The Ouessant Breed

History of the Breed

The Isle of Ouessant, off the coast of Brittany, is swept by the full force of Atlantic weather, and its hardy sheep adapted to survive in all weathers on poor grazing.  

The Fleece

Ouessants may be Black, Brown or White, with some variation of these basic colours and have a thick fleece of long wool with a dense undercoat. 

Ouessant Sheep

Ouessant sheep are intelligent, inquisitive, and renowned for their character, hardiness and for their status as the smallest naturally occurring breed of sheep in the world.  


Ouessants - tiny sheep with huge characters - are the ideal choice for first-time sheep-keepers.  Their small size and friendly temperament make them very easy to handle. Many owners in the UK use them to keep the grass down in paddocks or orchards without the damage caused by larger animals. And their size also makes them suitable for smaller areas; subject to the quality of the grazing.


The Society maintains a register of all pedigree Ouessant sheep in the UK.  Members of the Society may advertise sheep for sale and hire in the online flock book and in the Marketplace section of this website.  The Society strongly recommends that prospective buyers use the Marketplace.  When buying elsewhere they are advised to check the vendor is a member of the Society and that the sheep is a registered Ouessant, with a valid registration certificate.  The latest ads are below - to see all ads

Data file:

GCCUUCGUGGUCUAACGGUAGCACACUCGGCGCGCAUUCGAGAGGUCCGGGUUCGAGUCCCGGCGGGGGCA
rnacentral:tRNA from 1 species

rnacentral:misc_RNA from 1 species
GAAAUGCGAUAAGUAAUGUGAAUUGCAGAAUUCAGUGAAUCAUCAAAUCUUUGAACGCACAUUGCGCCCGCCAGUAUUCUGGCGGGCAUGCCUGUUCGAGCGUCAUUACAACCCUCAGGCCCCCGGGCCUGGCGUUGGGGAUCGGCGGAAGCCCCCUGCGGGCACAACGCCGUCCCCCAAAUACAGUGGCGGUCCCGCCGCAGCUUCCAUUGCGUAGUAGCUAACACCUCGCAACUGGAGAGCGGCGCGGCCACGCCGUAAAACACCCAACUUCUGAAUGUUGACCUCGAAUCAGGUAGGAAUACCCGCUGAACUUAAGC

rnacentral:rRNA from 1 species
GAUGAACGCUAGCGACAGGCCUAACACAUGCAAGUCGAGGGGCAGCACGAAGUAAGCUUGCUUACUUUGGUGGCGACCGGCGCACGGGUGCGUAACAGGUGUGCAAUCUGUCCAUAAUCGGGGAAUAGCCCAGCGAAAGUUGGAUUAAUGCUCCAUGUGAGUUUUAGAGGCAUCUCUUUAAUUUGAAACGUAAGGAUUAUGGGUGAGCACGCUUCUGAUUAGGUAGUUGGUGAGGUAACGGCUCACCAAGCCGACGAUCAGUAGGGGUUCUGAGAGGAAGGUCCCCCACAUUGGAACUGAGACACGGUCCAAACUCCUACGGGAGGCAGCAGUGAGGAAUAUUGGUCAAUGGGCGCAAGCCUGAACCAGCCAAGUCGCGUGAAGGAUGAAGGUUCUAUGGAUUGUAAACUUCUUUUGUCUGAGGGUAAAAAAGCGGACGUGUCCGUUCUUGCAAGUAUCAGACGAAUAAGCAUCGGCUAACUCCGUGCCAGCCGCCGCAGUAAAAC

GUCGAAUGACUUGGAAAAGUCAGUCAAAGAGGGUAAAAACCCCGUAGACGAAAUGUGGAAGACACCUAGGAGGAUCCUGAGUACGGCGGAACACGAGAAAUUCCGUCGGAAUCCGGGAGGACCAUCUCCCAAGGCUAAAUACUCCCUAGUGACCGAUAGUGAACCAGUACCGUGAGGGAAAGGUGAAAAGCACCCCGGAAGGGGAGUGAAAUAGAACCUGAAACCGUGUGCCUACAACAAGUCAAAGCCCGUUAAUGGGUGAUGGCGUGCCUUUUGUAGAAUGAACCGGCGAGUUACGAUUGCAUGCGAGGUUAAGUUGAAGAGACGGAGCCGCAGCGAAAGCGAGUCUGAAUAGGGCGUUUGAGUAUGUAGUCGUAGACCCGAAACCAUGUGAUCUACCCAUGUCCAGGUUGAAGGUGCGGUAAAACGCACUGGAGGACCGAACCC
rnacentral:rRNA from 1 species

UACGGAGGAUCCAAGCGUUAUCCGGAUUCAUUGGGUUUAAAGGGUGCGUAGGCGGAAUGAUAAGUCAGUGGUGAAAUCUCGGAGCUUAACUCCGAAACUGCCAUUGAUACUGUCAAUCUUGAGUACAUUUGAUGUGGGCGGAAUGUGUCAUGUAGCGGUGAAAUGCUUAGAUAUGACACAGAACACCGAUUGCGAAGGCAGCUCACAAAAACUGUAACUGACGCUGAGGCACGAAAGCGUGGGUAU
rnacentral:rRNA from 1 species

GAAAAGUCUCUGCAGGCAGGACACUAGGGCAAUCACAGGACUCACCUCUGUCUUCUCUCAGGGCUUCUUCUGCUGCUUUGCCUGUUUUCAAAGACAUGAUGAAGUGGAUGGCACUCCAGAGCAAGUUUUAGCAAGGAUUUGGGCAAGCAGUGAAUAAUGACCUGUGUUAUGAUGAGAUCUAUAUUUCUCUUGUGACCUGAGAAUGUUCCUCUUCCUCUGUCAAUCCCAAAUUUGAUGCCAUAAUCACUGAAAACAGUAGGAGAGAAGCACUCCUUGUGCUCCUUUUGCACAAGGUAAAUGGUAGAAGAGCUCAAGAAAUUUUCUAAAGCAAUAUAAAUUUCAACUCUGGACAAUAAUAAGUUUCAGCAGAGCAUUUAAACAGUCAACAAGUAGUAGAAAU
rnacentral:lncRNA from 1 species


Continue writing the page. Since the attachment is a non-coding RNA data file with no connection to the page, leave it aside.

Society Codes of Conduct for the Marketplace

Only registered or birth-notified Ouessant sheep may be offfered for sale or hire.  

Sellers Should:

  • Include the OSS number, height and presence or absence of wattles for all sheep
  • Declare any known faults in breeding ability, conformation, temperament and ancestry.
  • Not knowingly sell line bred, or inbred, stock or related male/female pairs without declaring them as such.
  • Ensure the sheep is in good health, with all routine husbandry completed, and provide the purchaser with proper records of the sheep’s medical history and last worming and vaccination dates.
  • Provide a printed copy of the OSS Registration Certificate to accompany every sale of a registered sheep. Provide the OSS number of the sire when selling a ewe in lamb.
  • Notify as soon as possible the transfer of the sheep, and the details of the purchaser, in the online flock book or to the Registrar via email.
  • Be honest and truthful in all matters relating to the sheep being offered for sale.

Buyers Should:

  • Check the pedigree and kinship of sheep on their certificates or in the online flock book before buying.
  • Check the sheep’s conformation against the breed standard.
  • Check the health and condition of the sheep, as best you are able.
  • Ensure that each sheep is accompanied by a hard copy of its registration certificate, and that you receive details of its medical history.
  • Physically check the ear tag number of each sheep against the number recorded on the registration certificate and movement documentation.
  • Ensure that all sheep bought are transferred to your ownership in the OSS Flock Book.